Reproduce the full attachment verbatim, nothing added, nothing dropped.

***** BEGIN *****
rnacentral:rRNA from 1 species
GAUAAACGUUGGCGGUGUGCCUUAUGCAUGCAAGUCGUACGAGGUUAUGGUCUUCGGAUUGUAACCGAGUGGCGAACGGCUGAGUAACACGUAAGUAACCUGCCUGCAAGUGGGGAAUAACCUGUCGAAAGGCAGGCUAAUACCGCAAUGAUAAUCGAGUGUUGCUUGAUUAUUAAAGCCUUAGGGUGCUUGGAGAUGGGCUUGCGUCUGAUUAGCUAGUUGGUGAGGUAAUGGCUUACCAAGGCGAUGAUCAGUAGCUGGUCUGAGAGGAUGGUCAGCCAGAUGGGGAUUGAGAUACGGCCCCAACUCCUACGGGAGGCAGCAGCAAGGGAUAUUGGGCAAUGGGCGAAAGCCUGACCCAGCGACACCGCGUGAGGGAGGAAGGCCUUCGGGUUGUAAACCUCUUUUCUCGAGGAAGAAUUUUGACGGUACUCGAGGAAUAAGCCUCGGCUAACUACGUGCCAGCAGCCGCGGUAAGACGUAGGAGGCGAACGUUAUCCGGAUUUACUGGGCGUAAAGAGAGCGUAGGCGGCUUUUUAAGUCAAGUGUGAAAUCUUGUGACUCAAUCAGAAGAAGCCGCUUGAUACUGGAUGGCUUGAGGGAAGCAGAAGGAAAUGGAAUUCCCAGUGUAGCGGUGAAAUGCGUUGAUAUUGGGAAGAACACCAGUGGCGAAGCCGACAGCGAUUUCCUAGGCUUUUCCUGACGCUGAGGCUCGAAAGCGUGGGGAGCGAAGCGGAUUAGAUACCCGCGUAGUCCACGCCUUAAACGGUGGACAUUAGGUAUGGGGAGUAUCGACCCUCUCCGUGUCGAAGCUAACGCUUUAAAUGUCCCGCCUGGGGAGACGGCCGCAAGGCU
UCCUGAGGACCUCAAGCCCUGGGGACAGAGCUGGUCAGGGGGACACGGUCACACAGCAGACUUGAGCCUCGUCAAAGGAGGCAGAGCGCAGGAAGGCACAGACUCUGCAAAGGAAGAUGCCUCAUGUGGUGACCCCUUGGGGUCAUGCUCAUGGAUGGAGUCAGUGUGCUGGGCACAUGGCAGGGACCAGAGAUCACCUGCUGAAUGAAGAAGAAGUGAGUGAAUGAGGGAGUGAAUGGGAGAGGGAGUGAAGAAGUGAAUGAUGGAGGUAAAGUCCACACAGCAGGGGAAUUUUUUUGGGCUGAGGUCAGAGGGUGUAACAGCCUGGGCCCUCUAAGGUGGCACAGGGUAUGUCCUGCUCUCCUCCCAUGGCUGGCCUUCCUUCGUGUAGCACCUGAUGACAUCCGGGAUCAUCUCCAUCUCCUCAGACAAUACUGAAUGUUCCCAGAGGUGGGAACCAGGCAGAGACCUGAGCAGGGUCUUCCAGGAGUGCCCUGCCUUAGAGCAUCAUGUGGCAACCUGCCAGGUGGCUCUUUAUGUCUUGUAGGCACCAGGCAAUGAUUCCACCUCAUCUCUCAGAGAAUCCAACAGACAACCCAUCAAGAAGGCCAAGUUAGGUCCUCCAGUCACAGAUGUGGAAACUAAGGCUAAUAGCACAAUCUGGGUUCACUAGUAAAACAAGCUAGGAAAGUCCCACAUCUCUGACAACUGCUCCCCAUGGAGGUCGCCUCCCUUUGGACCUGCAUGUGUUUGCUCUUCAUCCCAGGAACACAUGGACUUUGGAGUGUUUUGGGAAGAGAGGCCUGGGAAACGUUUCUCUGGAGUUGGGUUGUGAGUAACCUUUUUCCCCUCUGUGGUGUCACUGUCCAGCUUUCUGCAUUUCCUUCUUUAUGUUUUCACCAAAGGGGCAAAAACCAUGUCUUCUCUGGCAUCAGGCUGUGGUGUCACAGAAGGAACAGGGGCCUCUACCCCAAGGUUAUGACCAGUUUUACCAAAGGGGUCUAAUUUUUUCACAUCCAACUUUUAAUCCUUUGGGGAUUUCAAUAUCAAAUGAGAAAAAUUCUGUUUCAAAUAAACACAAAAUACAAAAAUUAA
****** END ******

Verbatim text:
rnacentral:rRNA from 1 species
GAUAAACGUUGGCGGUGUGCCUUAUGCAUGCAAGUCGUACGAGGUUAUGGUCUUCGGAUUGUAACCGAGUGGCGAACGGCUGAGUAACACGUAAGUAACCUGCCUGCAAGUGGGGAAUAACCUGUCGAAAGGCAGGCUAAUACCGCAAUGAUAAUCGAGUGUUGCUUGAUUAUUAAAGCCUUAGGGUGCUUGGAGAUGGGCUUGCGUCUGAUUAGCUAGUUGGUGAGGUAAUGGCUUACCAAGGCGAUGAUCAGUAGCUGGUCUGAGAGGAUGGUCAGCCAGAUGGGGAUUGAGAUACGGCCCCAACUCCUACGGGAGGCAGCAGCAAGGGAUAUUGGGCAAUGGGCGAAAGCCUGACCCAGCGACACCGCGUGAGGGAGGAAGGCCUUCGGGUUGUAAACCUCUUUUCUCGAGGAAGAAUUUUGACGGUACUCGAGGAAUAAGCCUCGGCUAACUACGUGCCAGCAGCCGCGGUAAGACGUAGGAGGCGAACGUUAUCCGGAUUUACUGGGCGUAAAGAGAGCGUAGGCGGCUUUUUAAGUCAAGUGUGAAAUCUUGUGACUCAAUCAGAAGAAGCCGCUUGAUACUGGAUGGCUUGAGGGAAGCAGAAGGAAAUGGAAUUCCCAGUGUAGCGGUGAAAUGCGUUGAUAUUGGGAAGAACACCAGUGGCGAAGCCGACAGCGAUUUCCUAGGCUUUUCCUGACGCUGAGGCUCGAAAGCGUGGGGAGCGAAGCGGAUUAGAUACCCGCGUAGUCCACGCCUUAAACGGUGGACAUUAGGUAUGGGGAGUAUCGACCCUCUCCGUGUCGAAGCUAACGCUUUAAAUGUCCCGCCUGGGGAGACGGCCGCAAGGCU
UCCUGAGGACCUCAAGCCCUGGGGACAGAGCUGGUCAGGGGGACACGGUCACACAGCAGACUUGAGCCUCGUCAAAGGAGGCAGAGCGCAGGAAGGCACAGACUCUGCAAAGGAAGAUGCCUCAUGUGGUGACCCCUUGGGGUCAUGCUCAUGGAUGGAGUCAGUGUGCUGGGCACAUGGCAGGGACCAGAGAUCACCUGCUGAAUGAAGAAGAAGUGAGUGAAUGAGGGAGUGAAUGGGAGAGGGAGUGAAGAAGUGAAUGAUGGAGGUAAAGUCCACACAGCAGGGGAAUUUUUUUGGGCUGAGGUCAGAGGGUGUAACAGCCUGGGCCCUCUAAGGUGGCACAGGGUAUGUCCUGCUCUCCUCCCAUGGCUGGCCUUCCUUCGUGUAGCACCUGAUGACAUCCGGGAUCAUCUCCAUCUCCUCAGACAAUACUGAAUGUUCCCAGAGGUGGGAACCAGGCAGAGACCUGAGCAGGGUCUUCCAGGAGUGCCCUGCCUUAGAGCAUCAUGUGGCAACCUGCCAGGUGGCUCUUUAUGUCUUGUAGGCACCAGGCAAUGAUUCCACCUCAUCUCUCAGAGAAUCCAACAGACAACCCAUCAAGAAGGCCAAGUUAGGUCCUCCAGUCACAGAUGUGGAAACUAAGGCUAAUAGCACAAUCUGGGUUCACUAGUAAAACAAGCUAGGAAAGUCCCACAUCUCUGACAACUGCUCCCCAUGGAGGUCGCCUCCCUUUGGACCUGCAUGUGUUUGCUCUUCAUCCCAGGAACACAUGGACUUUGGAGUGUUUUGGGAAGAGAGGCCUGGGAAACGUUUCUCUGGAGUUGGGUUGUGAGUAACCUUUUUCCCCUCUGUGGUGUCACUGUCCAGCUUUCUGCAUUUCCUUCUUUAUGUUUUCACCAAAGGGGCAAAAACCAUGUCUUCUCUGGCAUCAGGCUGUGGUGUCACAGAAGGAACAGGGGCCUCUACCCCAAGGUUAUGACCAGUUUUACCAAAGGGGUCUAAUUUUUUCACAUCCAACUUUUAAUCCUUUGGGGAUUUCAAUAUCAAAUGAGAAAAAUUCUGUUUCAAAUAAACACAAAAUACAAAAAUUAA